The film Blade Runner (1982) and the novels The Boys From Brazil (1976) and The Island of Doctor Moreau (1896) depict elements of such scenarios, but Mary Shelley's 1818 novel Frankenstein is most often alluded to by critics who suggest that biotechnologies could create objectified and socially unmoored people as well as subhumans.
For example, few groups are more cautious than the Amish about embracing new technologies, but, though they shun television and use horses and buggies, some are welcoming the possibilities of gene therapy since inbreeding has afflicted them with a number of rare genetic diseases.
At least one public interest organization, the U.S.-based Center for Genetics and Society, was formed, in 2001, with the specific goal of opposing transhumanist agendas that involve transgenerational modification of human biology, such as full-term human cloning and germinal choice technology.
Silver, the biologist and science writer who coined the term 'reprogenetics' and supports its applications, has expressed concern that these methods could create a two-tiered society of genetically engineered 'haves' and 'have nots' if social democratic reforms lag behind implementation of enhancement technologies.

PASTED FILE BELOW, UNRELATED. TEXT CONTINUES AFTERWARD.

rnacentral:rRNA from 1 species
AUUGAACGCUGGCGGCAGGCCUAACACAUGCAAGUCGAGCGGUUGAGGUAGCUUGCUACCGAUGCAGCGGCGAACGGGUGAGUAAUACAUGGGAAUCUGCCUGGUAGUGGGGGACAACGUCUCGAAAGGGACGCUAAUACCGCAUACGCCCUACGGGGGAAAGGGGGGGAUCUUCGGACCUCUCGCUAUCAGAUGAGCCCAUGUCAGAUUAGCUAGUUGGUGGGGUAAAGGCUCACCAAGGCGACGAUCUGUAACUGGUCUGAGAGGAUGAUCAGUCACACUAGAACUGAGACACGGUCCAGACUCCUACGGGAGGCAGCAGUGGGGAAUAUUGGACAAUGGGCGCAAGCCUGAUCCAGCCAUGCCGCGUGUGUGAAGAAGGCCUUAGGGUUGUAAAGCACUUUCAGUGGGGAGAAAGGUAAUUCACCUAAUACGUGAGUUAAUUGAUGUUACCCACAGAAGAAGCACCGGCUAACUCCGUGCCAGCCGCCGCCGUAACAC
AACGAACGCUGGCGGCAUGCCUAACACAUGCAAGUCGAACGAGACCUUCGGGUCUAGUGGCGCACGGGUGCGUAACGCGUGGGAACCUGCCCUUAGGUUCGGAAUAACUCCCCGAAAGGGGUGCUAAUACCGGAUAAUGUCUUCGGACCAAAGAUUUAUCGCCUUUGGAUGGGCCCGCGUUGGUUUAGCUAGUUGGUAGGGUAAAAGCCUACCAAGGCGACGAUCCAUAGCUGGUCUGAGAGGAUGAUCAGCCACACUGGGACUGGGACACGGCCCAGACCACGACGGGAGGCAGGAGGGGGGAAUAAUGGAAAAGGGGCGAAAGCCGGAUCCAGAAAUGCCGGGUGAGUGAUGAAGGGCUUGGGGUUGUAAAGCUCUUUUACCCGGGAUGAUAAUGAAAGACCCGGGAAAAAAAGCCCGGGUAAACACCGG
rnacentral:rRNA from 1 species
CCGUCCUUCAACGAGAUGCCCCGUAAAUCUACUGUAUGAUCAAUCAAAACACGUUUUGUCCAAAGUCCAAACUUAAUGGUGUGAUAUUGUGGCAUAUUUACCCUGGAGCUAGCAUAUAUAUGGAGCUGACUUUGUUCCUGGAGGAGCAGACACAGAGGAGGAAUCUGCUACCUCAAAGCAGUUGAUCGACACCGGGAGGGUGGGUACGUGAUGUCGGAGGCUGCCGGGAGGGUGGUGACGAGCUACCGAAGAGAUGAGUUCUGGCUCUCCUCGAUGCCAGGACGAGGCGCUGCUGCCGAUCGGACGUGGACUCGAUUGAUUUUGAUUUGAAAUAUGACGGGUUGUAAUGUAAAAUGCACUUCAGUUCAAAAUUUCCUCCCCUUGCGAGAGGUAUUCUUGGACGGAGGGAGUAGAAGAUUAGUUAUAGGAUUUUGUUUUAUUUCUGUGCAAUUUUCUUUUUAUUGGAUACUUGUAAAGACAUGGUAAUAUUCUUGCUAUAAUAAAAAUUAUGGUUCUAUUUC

These criticisms are also voiced by non-libertarian transhumanist advocates, especially self-described democratic transhumanists, who believe that the majority of current or future social and environmental issues (such as unemployment and resource depletion) need to be addressed by a combination of political and technological solutions (like a guaranteed minimum income and alternative technology).
Therefore, on the specific issue of an emerging genetic divide due to unequal access to human enhancement technologies, bioethicist James Hughes, in his 2004 book Citizen Cyborg: Why Democratic Societies Must Respond to the Redesigned Human of the Future, argues that progressives or, more precisely, techno-progressives must articulate and implement public policies (i.e., a universal health care voucher system that covers human enhancement technologies) in order to attenuate this problem as much as possible, rather than trying to ban human enhancement technologies.